Skip to main content
globe editorial

People participate in a vigil for victims behind the theatre where a gunman opened fire on moviegoers in Aurora, Colorado July 22, 2012.SHANNON STAPLETON/Reuters

America's permissive gun laws, fetishized in their laxness as the epitome of American freedom by the powerful National Rifle Association, are a common denominator in mass shootings around the world. From Aurora, Colo., to Norway to Toronto and Mexico, the stubborn refusal to link the worldwide availability of American-supplied semi-automatic weapons, accessories and ammunition to tragedy after tragedy is a black mark.

In the case of the Aurora killer, James E. Holmes was able to order 6,350 rounds of various types of ammunition over the Internet without triggering any alarms. He may as well have been ordering housewares. He also acquired, unnoticed, a high-capacity machine-gun magazine that holds 100 bullets, plus bullet-proof pants and a vest, knives and magazine holders. His case is similar to that of the Norwegian mass murderer Anders Breivik, who killed 76 people a year ago. Breivik outlined in his "manifesto" how he purchased 10 30-round magazines – an item necessary to his goal of mass slaughter that was not available in Norway because of its rigid gun controls – from an indifferent American supplier via the Internet.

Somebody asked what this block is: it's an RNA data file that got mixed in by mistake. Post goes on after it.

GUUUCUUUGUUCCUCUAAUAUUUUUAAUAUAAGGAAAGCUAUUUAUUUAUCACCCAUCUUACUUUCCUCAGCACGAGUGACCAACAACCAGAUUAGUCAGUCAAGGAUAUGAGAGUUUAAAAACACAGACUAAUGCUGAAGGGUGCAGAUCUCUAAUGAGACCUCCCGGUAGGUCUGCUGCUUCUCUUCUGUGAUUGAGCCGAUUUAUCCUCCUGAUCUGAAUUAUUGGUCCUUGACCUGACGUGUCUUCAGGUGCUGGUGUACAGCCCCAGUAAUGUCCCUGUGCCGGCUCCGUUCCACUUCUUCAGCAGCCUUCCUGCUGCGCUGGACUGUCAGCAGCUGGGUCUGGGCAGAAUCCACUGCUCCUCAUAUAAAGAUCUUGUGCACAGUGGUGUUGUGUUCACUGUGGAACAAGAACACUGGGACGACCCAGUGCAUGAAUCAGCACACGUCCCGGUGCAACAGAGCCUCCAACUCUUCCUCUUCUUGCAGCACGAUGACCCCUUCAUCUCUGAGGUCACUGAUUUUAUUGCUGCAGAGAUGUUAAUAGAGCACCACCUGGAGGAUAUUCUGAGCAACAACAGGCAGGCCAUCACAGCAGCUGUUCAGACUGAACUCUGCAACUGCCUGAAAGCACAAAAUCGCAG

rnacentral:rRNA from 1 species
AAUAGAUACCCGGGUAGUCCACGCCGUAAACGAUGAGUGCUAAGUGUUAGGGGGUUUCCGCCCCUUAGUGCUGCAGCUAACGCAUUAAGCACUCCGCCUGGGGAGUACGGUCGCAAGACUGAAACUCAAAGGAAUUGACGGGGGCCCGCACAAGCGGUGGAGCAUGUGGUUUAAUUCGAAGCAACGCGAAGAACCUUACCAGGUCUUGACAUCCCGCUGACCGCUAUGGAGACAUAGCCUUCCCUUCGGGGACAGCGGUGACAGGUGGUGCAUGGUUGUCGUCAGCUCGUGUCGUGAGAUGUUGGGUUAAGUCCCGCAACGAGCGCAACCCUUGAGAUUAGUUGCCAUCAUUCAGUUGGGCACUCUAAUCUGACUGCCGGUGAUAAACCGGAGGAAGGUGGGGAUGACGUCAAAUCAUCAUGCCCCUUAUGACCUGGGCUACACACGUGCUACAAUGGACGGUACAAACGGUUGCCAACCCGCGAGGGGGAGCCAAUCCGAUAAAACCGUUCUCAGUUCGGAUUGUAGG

In Mexico, which has strict gun laws, the drug cartels have armed themselves like a paramilitary operation with easily available American assault weapons and used them to kill hundreds of innocent people. In Canada, a rising tide of American weapons spilling over the border is defeating the country's attempts at gun control.

The biggest tragedy, of course, is in the U.S., where only killings on the scale of Aurora now make the national news but as many as 15,000 die in gun homicides every year. The NRA's argument is that tighter controls would impinge on the constitutional right to bear arms without stopping mass killings. Their proof? Countries with strict gun controls like Canada, Norway and Mexico. It is time to start forcefully arguing the reverse: that gun controls do prevent mass shootings in these countries and, in fact, gun homicides in general – the rate of gun homicides per 100,000 people in the U.S. is almost four times that of Canada – and that the controls would be even more effective if they were not being sabotaged by American constitutional literal-mindedness.

Report an error

Editorial code of conduct